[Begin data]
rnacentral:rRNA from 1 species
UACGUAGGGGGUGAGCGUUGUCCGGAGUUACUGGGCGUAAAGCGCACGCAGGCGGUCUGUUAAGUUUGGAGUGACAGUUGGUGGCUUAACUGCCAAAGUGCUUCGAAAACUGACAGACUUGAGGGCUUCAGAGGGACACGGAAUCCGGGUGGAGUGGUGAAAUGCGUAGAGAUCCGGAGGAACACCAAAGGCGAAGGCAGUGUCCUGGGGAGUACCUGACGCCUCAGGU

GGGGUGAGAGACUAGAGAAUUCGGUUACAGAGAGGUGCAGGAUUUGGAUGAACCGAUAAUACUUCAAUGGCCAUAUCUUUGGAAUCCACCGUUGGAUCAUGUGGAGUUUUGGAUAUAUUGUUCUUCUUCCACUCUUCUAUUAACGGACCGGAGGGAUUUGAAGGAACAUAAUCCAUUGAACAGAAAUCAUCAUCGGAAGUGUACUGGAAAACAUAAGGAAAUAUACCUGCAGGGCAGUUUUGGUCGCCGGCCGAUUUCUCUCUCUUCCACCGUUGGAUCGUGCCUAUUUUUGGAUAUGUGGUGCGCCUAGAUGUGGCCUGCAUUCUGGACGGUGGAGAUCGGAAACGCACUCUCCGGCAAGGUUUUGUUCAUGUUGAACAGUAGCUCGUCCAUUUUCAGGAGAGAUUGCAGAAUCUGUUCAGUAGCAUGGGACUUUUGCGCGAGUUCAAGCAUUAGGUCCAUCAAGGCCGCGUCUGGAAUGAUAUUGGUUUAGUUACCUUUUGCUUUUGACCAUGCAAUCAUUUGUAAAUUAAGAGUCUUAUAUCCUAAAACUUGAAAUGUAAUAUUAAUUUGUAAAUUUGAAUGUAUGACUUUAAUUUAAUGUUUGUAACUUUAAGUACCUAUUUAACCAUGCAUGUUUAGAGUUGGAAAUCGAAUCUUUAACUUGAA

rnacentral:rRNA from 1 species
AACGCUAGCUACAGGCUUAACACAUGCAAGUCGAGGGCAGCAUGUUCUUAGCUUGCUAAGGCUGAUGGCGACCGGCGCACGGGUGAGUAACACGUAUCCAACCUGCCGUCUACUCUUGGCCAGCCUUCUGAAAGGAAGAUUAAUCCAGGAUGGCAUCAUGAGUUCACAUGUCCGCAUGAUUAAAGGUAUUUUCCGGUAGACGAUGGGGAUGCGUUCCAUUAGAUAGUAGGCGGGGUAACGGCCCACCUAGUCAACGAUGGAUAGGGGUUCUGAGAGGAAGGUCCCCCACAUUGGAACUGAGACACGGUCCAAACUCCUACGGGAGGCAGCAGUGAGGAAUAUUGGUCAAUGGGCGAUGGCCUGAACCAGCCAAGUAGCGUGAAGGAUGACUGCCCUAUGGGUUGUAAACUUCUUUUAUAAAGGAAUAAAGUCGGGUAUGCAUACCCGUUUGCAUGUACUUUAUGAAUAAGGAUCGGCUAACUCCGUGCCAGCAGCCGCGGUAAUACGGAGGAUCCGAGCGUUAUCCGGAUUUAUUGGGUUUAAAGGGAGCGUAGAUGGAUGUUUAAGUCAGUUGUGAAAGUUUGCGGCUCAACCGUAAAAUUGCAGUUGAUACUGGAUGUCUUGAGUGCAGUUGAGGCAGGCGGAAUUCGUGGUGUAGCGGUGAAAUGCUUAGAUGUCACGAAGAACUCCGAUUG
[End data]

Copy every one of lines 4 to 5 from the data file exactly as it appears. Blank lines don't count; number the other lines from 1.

rnacentral:rRNA from 1 species
AACGCUAGCUACAGGCUUAACACAUGCAAGUCGAGGGCAGCAUGUUCUUAGCUUGCUAAGGCUGAUGGCGACCGGCGCACGGGUGAGUAACACGUAUCCAACCUGCCGUCUACUCUUGGCCAGCCUUCUGAAAGGAAGAUUAAUCCAGGAUGGCAUCAUGAGUUCACAUGUCCGCAUGAUUAAAGGUAUUUUCCGGUAGACGAUGGGGAUGCGUUCCAUUAGAUAGUAGGCGGGGUAACGGCCCACCUAGUCAACGAUGGAUAGGGGUUCUGAGAGGAAGGUCCCCCACAUUGGAACUGAGACACGGUCCAAACUCCUACGGGAGGCAGCAGUGAGGAAUAUUGGUCAAUGGGCGAUGGCCUGAACCAGCCAAGUAGCGUGAAGGAUGACUGCCCUAUGGGUUGUAAACUUCUUUUAUAAAGGAAUAAAGUCGGGUAUGCAUACCCGUUUGCAUGUACUUUAUGAAUAAGGAUCGGCUAACUCCGUGCCAGCAGCCGCGGUAAUACGGAGGAUCCGAGCGUUAUCCGGAUUUAUUGGGUUUAAAGGGAGCGUAGAUGGAUGUUUAAGUCAGUUGUGAAAGUUUGCGGCUCAACCGUAAAAUUGCAGUUGAUACUGGAUGUCUUGAGUGCAGUUGAGGCAGGCGGAAUUCGUGGUGUAGCGGUGAAAUGCUUAGAUGUCACGAAGAACUCCGAUUG